Jam of the Day: Conflict~Escape Stage by Capcom Sound Team (Rockman X7 Original Soundtrack)
Mega Man X7 is a terrible game and you should not play it. HOWEVER… it has some really sweet music. The production values were really a step up from previous games resulting in higher quality drum tracks, some really great synthesizer work, and even a handful of rock tracks. Then X8 came along and brought the sound quality back down several notches.
The composition isn’t always typical X fare, but what’s there is really enjoyable. Far more enjoyable than the game it belongs to. It’s a shame this soundtrack doesn’t belong to a better game.
There are a lot of composers listed on the OST. The ones most likely to have worked on this particular song based on my research are Yuko Komiyama, Seiko Kobuchi, Akemi Kimura, Makoto Asai, Teruo Konishi, Shuichi Mizohata, and Takuya Miyawaki.
Jam of the Day: RELOADED by Soy-SOUTH (ROCKMAN Kai Arrange shitemita!!)
The Rockman Kai album is certainly a strange one. A lot of different artists and styles are featured on here and it’s almost exclusively a vocal album. I don’t normally like vocal arrangements of instrumental game songs, but this is a special case. Soy-SOUTH’s rendition of Napalm Man (Mega Man 5) rocks too hard to ignore.
Napalm Man’s theme is one I’ve had on the brain quite a lot lately as I recently participated in a remix battle using it. I had to combine it with various other classic Mega Man themes and I ended up with 3 remixes before finally getting knocked out of the competition. You can hear them on my bandcamp.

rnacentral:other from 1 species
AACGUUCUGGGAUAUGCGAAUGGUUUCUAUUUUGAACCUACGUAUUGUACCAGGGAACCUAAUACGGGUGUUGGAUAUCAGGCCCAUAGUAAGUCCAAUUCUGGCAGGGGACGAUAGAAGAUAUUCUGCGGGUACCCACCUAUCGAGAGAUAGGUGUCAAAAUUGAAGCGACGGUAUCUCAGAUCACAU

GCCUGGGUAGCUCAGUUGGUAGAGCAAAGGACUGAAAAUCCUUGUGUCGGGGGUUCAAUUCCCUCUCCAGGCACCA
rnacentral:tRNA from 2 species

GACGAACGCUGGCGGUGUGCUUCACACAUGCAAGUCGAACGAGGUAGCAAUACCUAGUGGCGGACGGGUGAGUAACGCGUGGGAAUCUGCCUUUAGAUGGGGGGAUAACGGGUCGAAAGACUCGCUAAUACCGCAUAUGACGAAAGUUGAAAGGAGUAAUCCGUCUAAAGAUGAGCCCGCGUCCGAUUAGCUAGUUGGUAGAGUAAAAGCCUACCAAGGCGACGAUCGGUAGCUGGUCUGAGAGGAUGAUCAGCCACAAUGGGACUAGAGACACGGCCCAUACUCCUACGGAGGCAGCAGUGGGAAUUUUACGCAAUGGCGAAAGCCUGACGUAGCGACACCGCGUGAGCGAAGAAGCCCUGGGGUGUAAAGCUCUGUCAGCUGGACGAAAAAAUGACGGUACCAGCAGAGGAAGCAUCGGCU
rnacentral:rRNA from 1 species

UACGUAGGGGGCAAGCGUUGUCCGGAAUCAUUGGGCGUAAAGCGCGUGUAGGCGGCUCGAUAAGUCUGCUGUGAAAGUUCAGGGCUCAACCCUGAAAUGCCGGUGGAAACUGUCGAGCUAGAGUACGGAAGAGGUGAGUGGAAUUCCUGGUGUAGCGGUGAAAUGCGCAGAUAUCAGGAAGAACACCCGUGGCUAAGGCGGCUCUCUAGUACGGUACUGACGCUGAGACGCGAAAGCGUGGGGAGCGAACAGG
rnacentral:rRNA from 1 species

Jam of the Day: THEME OF ROCKMAN EXE ~TGS2002 mix~ by Akari Kaida (Rockman EXE Game Music Complete Works: Rockman EXE 1~3)
The only video on YouTube I could find of this was somebody’s music video. Deal with it!
There really aren’t enough remixes of the Mega Man Battle Network soundtrack. That is to say, there seem to be barely any at all (though I plan to change that). Akari Kaida (Breath of Fire III, Okami) did an awesome job on the music for the first Battle Network game. It had a very effective blend of electronica and chiptune sounds.
One of the few (and luckily great) remixes that exist is actually the promotional mix of the main theme from the 2002 Tokyo Game Show. The lead feels a little buried and the video seems to have a volume glitch or two, but it’s still a great mix.